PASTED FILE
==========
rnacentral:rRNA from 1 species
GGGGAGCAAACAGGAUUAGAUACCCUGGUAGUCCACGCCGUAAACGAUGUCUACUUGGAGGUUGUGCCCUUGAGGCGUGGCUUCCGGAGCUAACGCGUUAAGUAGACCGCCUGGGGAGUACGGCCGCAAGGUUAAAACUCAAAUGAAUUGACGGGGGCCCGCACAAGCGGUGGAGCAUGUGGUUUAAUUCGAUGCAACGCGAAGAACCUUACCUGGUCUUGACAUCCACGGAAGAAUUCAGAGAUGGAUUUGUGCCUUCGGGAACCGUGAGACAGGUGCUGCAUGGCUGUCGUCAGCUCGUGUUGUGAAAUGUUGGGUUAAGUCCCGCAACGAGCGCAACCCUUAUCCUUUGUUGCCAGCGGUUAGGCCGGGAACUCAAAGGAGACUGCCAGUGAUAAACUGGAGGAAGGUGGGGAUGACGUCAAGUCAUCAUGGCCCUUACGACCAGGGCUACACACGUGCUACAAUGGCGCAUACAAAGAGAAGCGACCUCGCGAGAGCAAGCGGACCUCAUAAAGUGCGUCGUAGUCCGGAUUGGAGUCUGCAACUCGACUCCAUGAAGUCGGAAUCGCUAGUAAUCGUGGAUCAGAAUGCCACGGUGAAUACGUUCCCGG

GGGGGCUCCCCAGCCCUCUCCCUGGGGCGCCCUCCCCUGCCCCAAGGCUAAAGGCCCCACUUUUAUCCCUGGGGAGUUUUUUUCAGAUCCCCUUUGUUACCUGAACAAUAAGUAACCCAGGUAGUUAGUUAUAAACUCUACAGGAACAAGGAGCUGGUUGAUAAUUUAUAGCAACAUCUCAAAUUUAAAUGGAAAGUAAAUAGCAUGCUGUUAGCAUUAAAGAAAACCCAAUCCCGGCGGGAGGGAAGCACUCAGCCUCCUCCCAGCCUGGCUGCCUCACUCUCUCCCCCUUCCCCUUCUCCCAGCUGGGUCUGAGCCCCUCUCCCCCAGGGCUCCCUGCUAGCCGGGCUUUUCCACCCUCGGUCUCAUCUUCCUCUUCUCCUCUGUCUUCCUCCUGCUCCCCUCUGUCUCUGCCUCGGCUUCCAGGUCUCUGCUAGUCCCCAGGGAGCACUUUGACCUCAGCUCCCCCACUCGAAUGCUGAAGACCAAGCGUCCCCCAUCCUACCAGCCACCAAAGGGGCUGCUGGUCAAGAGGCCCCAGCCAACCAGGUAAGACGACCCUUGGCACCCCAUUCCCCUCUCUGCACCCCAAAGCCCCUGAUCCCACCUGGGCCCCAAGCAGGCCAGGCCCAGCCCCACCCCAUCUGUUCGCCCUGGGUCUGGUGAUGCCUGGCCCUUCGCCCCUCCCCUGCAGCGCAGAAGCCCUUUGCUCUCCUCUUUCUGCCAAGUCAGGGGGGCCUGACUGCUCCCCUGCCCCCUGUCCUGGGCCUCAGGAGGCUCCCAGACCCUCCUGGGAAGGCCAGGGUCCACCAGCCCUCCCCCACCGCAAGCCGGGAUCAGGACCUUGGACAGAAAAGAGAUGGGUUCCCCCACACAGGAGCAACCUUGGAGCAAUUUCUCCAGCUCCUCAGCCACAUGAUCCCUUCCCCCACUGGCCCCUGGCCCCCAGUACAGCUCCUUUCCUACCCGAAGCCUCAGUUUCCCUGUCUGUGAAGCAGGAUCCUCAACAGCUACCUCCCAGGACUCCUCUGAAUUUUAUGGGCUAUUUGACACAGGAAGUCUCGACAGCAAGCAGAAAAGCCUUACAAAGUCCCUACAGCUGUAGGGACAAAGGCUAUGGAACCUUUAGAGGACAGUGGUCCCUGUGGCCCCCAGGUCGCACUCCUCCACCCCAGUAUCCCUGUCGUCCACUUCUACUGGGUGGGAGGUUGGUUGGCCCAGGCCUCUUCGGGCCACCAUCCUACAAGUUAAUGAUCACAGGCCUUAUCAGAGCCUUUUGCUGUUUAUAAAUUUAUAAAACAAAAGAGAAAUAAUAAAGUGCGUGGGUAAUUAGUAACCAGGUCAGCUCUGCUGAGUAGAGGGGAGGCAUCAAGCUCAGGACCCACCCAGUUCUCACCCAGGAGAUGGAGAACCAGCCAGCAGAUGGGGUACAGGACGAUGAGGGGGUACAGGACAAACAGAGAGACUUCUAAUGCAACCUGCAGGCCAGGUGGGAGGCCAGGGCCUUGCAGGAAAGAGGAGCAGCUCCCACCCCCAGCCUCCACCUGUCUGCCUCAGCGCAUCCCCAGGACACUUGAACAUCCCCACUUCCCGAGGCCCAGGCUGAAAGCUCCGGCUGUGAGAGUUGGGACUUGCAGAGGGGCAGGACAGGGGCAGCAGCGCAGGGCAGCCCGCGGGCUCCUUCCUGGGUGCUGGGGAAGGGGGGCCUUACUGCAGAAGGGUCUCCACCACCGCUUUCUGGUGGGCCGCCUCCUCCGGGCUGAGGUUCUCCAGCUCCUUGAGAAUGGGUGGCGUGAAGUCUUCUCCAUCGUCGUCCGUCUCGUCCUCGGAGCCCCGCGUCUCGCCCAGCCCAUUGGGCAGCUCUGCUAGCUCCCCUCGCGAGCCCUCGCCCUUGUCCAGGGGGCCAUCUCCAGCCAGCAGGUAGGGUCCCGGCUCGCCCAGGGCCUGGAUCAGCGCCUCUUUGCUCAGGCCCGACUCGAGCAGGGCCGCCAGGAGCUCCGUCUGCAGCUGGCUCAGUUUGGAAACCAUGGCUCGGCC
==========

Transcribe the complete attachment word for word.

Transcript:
rnacentral:rRNA from 1 species
GGGGAGCAAACAGGAUUAGAUACCCUGGUAGUCCACGCCGUAAACGAUGUCUACUUGGAGGUUGUGCCCUUGAGGCGUGGCUUCCGGAGCUAACGCGUUAAGUAGACCGCCUGGGGAGUACGGCCGCAAGGUUAAAACUCAAAUGAAUUGACGGGGGCCCGCACAAGCGGUGGAGCAUGUGGUUUAAUUCGAUGCAACGCGAAGAACCUUACCUGGUCUUGACAUCCACGGAAGAAUUCAGAGAUGGAUUUGUGCCUUCGGGAACCGUGAGACAGGUGCUGCAUGGCUGUCGUCAGCUCGUGUUGUGAAAUGUUGGGUUAAGUCCCGCAACGAGCGCAACCCUUAUCCUUUGUUGCCAGCGGUUAGGCCGGGAACUCAAAGGAGACUGCCAGUGAUAAACUGGAGGAAGGUGGGGAUGACGUCAAGUCAUCAUGGCCCUUACGACCAGGGCUACACACGUGCUACAAUGGCGCAUACAAAGAGAAGCGACCUCGCGAGAGCAAGCGGACCUCAUAAAGUGCGUCGUAGUCCGGAUUGGAGUCUGCAACUCGACUCCAUGAAGUCGGAAUCGCUAGUAAUCGUGGAUCAGAAUGCCACGGUGAAUACGUUCCCGG

GGGGGCUCCCCAGCCCUCUCCCUGGGGCGCCCUCCCCUGCCCCAAGGCUAAAGGCCCCACUUUUAUCCCUGGGGAGUUUUUUUCAGAUCCCCUUUGUUACCUGAACAAUAAGUAACCCAGGUAGUUAGUUAUAAACUCUACAGGAACAAGGAGCUGGUUGAUAAUUUAUAGCAACAUCUCAAAUUUAAAUGGAAAGUAAAUAGCAUGCUGUUAGCAUUAAAGAAAACCCAAUCCCGGCGGGAGGGAAGCACUCAGCCUCCUCCCAGCCUGGCUGCCUCACUCUCUCCCCCUUCCCCUUCUCCCAGCUGGGUCUGAGCCCCUCUCCCCCAGGGCUCCCUGCUAGCCGGGCUUUUCCACCCUCGGUCUCAUCUUCCUCUUCUCCUCUGUCUUCCUCCUGCUCCCCUCUGUCUCUGCCUCGGCUUCCAGGUCUCUGCUAGUCCCCAGGGAGCACUUUGACCUCAGCUCCCCCACUCGAAUGCUGAAGACCAAGCGUCCCCCAUCCUACCAGCCACCAAAGGGGCUGCUGGUCAAGAGGCCCCAGCCAACCAGGUAAGACGACCCUUGGCACCCCAUUCCCCUCUCUGCACCCCAAAGCCCCUGAUCCCACCUGGGCCCCAAGCAGGCCAGGCCCAGCCCCACCCCAUCUGUUCGCCCUGGGUCUGGUGAUGCCUGGCCCUUCGCCCCUCCCCUGCAGCGCAGAAGCCCUUUGCUCUCCUCUUUCUGCCAAGUCAGGGGGGCCUGACUGCUCCCCUGCCCCCUGUCCUGGGCCUCAGGAGGCUCCCAGACCCUCCUGGGAAGGCCAGGGUCCACCAGCCCUCCCCCACCGCAAGCCGGGAUCAGGACCUUGGACAGAAAAGAGAUGGGUUCCCCCACACAGGAGCAACCUUGGAGCAAUUUCUCCAGCUCCUCAGCCACAUGAUCCCUUCCCCCACUGGCCCCUGGCCCCCAGUACAGCUCCUUUCCUACCCGAAGCCUCAGUUUCCCUGUCUGUGAAGCAGGAUCCUCAACAGCUACCUCCCAGGACUCCUCUGAAUUUUAUGGGCUAUUUGACACAGGAAGUCUCGACAGCAAGCAGAAAAGCCUUACAAAGUCCCUACAGCUGUAGGGACAAAGGCUAUGGAACCUUUAGAGGACAGUGGUCCCUGUGGCCCCCAGGUCGCACUCCUCCACCCCAGUAUCCCUGUCGUCCACUUCUACUGGGUGGGAGGUUGGUUGGCCCAGGCCUCUUCGGGCCACCAUCCUACAAGUUAAUGAUCACAGGCCUUAUCAGAGCCUUUUGCUGUUUAUAAAUUUAUAAAACAAAAGAGAAAUAAUAAAGUGCGUGGGUAAUUAGUAACCAGGUCAGCUCUGCUGAGUAGAGGGGAGGCAUCAAGCUCAGGACCCACCCAGUUCUCACCCAGGAGAUGGAGAACCAGCCAGCAGAUGGGGUACAGGACGAUGAGGGGGUACAGGACAAACAGAGAGACUUCUAAUGCAACCUGCAGGCCAGGUGGGAGGCCAGGGCCUUGCAGGAAAGAGGAGCAGCUCCCACCCCCAGCCUCCACCUGUCUGCCUCAGCGCAUCCCCAGGACACUUGAACAUCCCCACUUCCCGAGGCCCAGGCUGAAAGCUCCGGCUGUGAGAGUUGGGACUUGCAGAGGGGCAGGACAGGGGCAGCAGCGCAGGGCAGCCCGCGGGCUCCUUCCUGGGUGCUGGGGAAGGGGGGCCUUACUGCAGAAGGGUCUCCACCACCGCUUUCUGGUGGGCCGCCUCCUCCGGGCUGAGGUUCUCCAGCUCCUUGAGAAUGGGUGGCGUGAAGUCUUCUCCAUCGUCGUCCGUCUCGUCCUCGGAGCCCCGCGUCUCGCCCAGCCCAUUGGGCAGCUCUGCUAGCUCCCCUCGCGAGCCCUCGCCCUUGUCCAGGGGGCCAUCUCCAGCCAGCAGGUAGGGUCCCGGCUCGCCCAGGGCCUGGAUCAGCGCCUCUUUGCUCAGGCCCGACUCGAGCAGGGCCGCCAGGAGCUCCGUCUGCAGCUGGCUCAGUUUGGAAACCAUGGCUCGGCC